How to Make Top Chef Eric Adjepong’s Favorite Summer Marinade

West African piri-piri works on shrimp—or anything grill-friendly.

Piri-piri shrimp recipe from Erik Adjepong. Photograph by Scott Suchman

When Eric Adjepong fires up his summer grill, chances are there’s piri-piri sauce nearby. The Ghanian American Top Chef finalist, who founded the local catering company Pinch & Plate with wife Janell, loves sharing the flavors of the African diaspora. (A Washington-area restaurant is in the works.)

“It’s a sauce that’s really close to me, one of my favorites,” Adjepong says. “It started in Portugal but, through the slave trade, was passed around and morphed in different ways through West Africa and Mozambique.” The common threads: citrus, vinegar, herbs, and fire from chilies. The chef prefers serving head-and-shell-on prawns—“It creates an interactive feel”—but peeled shrimp work, too. Side them with grilled vegetables or, better, jollof rice.


Serves 4

  • 3 to 6 garlic cloves
  • 3 to 5 bird’s-eye (Thai) or Scotch-bonnet chilies
  • ½ large red bell pepper
  • ½ Roma tomato
  • 1 tablespoon fresh oregano
  • ½ bunch cilantro stems, leaves chopped and reserved for garnish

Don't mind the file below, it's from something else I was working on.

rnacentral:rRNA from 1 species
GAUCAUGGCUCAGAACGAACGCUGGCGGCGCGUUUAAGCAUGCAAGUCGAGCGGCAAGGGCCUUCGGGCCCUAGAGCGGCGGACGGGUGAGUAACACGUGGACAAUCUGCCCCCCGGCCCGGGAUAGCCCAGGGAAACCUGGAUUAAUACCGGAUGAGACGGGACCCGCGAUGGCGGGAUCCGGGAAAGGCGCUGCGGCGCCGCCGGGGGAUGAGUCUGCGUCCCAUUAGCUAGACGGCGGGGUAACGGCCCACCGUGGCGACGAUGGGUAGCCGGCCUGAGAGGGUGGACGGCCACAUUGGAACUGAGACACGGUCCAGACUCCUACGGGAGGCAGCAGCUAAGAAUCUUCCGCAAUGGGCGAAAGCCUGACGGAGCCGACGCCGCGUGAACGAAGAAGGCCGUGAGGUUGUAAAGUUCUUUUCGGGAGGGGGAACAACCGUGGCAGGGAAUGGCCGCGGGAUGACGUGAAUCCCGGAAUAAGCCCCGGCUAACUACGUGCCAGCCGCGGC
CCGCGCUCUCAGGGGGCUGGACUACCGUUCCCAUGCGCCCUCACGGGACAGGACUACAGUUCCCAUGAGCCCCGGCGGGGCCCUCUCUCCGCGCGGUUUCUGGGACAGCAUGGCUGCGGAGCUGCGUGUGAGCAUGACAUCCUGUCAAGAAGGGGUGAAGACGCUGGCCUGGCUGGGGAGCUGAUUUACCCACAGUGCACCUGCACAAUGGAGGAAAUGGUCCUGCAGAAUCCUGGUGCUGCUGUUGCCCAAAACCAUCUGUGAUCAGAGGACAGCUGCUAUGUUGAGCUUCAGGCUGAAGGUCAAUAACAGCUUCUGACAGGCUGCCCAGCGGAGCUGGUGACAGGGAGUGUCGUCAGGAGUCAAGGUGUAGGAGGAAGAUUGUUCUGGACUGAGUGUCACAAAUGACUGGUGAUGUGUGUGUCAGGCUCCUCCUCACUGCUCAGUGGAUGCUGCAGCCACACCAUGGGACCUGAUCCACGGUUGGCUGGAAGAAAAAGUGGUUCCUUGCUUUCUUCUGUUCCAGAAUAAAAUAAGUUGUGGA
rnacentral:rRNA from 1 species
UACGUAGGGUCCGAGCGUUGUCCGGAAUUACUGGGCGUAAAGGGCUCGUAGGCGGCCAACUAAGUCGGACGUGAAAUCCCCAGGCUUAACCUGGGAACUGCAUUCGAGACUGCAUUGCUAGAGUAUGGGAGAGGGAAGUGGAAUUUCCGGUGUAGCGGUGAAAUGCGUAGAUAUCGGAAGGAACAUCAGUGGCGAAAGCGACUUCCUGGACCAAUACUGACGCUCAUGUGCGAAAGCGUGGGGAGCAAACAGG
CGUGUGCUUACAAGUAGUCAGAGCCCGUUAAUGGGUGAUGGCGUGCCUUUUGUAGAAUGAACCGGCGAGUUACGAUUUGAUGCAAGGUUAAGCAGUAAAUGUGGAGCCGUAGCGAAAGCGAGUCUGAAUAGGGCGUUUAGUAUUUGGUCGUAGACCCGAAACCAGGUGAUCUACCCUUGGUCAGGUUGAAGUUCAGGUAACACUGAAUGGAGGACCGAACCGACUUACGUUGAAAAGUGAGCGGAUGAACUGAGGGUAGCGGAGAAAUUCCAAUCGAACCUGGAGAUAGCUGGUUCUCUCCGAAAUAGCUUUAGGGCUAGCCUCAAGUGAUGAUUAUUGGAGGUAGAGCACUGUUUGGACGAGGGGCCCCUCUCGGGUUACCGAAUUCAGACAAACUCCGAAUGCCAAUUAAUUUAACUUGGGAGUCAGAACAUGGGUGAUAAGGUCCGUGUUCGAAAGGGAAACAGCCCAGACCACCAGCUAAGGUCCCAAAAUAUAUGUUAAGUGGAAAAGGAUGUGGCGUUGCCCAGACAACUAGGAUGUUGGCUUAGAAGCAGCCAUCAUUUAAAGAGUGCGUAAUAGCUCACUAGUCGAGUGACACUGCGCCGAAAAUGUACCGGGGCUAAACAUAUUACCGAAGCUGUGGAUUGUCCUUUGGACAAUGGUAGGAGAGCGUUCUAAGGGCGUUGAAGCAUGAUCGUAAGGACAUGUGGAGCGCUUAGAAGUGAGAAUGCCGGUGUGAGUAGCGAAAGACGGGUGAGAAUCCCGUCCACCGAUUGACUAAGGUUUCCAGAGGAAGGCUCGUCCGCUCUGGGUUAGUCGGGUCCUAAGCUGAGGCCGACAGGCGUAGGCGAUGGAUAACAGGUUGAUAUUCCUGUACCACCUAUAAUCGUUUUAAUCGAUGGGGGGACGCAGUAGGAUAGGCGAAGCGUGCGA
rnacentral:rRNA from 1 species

• ½ tablespoon paprika
  • ¼ cup red-wine vinegar
  • ¼ cup vegetable or canola oil, plus more for grilling
  • 1 pound large prawns or shrimp, either head/shell-on or peeled and deveined


Put all ingredients except the oil and shrimp in a blender and purée until smooth. With the blender running on medium, slowly pour in the oil. Set the shrimp in a baking dish and cover with the blended marinade. Marinate the shrimp 4 to 6 hours, giving them a stir midway through. Fire a grill to medium-high, brush with oil, and cook shrimp about 2 to 3 minutes per side. (They should be slightly pink.) Set on a platter and garnish with cilantro leaves.

This article appears in the June 2019 issue of Washingtonian.

Food Editor

Anna Spiegel covers the dining and drinking scene in her native DC. Prior to joining Washingtonian in 2010, she attended the French Culinary Institute and Columbia University’s MFA program in New York, and held various cooking and writing positions in NYC and in St. John, US Virgin Islands.